People seeking life insurance are unwilling to out of pocket fees and such a move after the Life Insurance Framework review in 2021 is likely to put expert life insurance help out of their reach, according to new research released by Zurich.
At the same time as a Money Management project has revealed substantial support for the continuing role of Australia’s life/risk advisers from within the most senior executive ranks of the life insurers, the Zurich research has sounded a warning on the consequences of abandoning a commissions-based approach after 2021.
Further, Zurich has called on all stakeholders – regulators, policymakers, financial advisers, insurers and consumers, to collaborate on the framework for the 2021 review saying it is essential to ensure the review is as robust and comprehensive as possible.
The Zurich research, undertaken by actuarial research house, Rice Warner revealed a significant disconnect between the cost of providing life insurance advice and the willingness of consumers to pay for that advice with only eight per cent of those surveyed indicating they would be willing to pay more than $1,000 out of their own pocket.
It found that, by contrast, 93 per cent of advisers said they would need to charge in excess of $1,000.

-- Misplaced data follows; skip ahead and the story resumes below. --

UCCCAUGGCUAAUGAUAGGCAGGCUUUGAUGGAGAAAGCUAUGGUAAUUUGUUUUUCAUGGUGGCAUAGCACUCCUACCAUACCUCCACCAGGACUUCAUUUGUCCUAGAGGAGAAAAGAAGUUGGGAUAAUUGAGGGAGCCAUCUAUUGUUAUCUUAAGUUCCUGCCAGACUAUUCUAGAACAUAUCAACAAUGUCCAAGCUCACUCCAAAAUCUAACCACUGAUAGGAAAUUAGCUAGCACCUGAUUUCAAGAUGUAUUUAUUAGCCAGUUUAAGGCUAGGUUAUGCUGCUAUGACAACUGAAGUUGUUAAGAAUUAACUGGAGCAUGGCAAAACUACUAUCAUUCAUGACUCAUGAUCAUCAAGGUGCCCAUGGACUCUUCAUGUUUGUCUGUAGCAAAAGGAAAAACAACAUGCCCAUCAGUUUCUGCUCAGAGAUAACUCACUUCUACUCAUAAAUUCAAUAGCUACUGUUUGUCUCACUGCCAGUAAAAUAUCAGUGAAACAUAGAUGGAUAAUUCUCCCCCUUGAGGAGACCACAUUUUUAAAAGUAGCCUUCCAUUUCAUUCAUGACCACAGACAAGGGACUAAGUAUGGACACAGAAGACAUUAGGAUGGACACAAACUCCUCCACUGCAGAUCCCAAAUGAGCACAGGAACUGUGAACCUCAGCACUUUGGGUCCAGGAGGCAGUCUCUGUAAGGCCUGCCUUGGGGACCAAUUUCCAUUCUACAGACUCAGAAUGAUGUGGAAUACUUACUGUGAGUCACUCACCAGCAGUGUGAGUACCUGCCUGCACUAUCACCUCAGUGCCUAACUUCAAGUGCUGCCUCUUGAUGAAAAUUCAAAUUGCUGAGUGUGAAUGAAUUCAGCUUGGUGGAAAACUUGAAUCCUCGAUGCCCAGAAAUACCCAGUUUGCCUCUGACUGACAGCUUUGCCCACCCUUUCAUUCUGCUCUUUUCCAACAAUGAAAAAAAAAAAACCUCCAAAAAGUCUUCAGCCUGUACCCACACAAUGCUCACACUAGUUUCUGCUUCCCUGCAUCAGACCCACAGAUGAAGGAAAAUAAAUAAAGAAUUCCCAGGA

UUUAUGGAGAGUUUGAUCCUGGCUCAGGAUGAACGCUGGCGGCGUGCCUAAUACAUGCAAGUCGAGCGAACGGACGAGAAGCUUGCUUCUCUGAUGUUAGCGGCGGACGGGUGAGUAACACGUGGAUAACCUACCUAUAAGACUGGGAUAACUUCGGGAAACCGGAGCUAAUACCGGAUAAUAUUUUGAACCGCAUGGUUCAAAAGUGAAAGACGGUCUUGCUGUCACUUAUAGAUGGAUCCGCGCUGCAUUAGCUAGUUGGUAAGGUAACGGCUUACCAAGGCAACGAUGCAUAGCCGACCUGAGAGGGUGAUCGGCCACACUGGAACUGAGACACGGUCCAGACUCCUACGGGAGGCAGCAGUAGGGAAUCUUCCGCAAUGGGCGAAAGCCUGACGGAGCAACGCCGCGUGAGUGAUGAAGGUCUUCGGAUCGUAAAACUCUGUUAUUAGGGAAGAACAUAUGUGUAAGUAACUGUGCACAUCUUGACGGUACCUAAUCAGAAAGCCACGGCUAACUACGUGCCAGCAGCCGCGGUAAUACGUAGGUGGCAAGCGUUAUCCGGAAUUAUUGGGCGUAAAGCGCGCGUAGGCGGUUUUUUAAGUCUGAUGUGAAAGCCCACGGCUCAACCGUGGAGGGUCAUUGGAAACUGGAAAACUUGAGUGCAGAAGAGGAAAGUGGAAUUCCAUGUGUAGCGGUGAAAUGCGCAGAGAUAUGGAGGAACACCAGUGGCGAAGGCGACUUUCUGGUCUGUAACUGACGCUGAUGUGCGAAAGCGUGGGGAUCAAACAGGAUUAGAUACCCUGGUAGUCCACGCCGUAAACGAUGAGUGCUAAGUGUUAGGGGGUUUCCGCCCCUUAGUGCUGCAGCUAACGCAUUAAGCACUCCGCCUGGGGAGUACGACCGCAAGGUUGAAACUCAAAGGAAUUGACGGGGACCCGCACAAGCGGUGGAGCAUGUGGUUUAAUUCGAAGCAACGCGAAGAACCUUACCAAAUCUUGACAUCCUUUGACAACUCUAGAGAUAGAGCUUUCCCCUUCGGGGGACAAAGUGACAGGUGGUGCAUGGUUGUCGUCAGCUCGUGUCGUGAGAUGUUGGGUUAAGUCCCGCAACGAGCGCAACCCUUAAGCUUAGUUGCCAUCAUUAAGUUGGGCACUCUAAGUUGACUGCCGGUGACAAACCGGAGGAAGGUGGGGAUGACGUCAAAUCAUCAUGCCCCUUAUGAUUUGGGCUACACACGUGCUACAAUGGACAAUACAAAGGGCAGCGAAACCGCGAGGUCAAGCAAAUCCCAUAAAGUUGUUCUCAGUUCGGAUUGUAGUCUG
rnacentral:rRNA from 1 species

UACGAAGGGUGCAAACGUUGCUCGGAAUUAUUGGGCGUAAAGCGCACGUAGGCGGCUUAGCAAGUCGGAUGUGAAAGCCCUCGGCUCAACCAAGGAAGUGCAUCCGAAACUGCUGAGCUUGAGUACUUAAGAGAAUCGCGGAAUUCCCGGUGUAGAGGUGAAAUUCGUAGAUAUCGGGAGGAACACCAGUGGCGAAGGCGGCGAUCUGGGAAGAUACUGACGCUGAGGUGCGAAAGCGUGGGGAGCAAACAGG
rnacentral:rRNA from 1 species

The research also found that almost 30 per cent of consumers said they were not willing to pay a fee at all, a finding which illustrated the size of the challenge ahead.
Commenting on the research, Zurich Life and Investments chief executive, Tim Bailey said the research confirmed the experience observed in other countries that consumer willingness to pay out of pocket fees for life insurance advice is very limited.
“To the extent that demand for life insurance generally coincides with major life events, for example taking on major debt such as a mortgage, or the birth of a child, we often see the paradox that the time when cover is most needed is also the time when household finances are most challenged,” he said. “Mandating an out-of-pocket fee to people in such circumstances, from 2021, is likely to put expert life insurance help out of reach at the worst possible time for them and would likely see people with inadequate or inappropriate cover, or worst still, no cover at all.”
Bailey said that, in these circumstances, a major priority for insurers and the advice profession, in partnership with ASIC and government, should be to help create a consistent and robust evidence base to be used by the many stakeholders who will shape the sector over the coming years.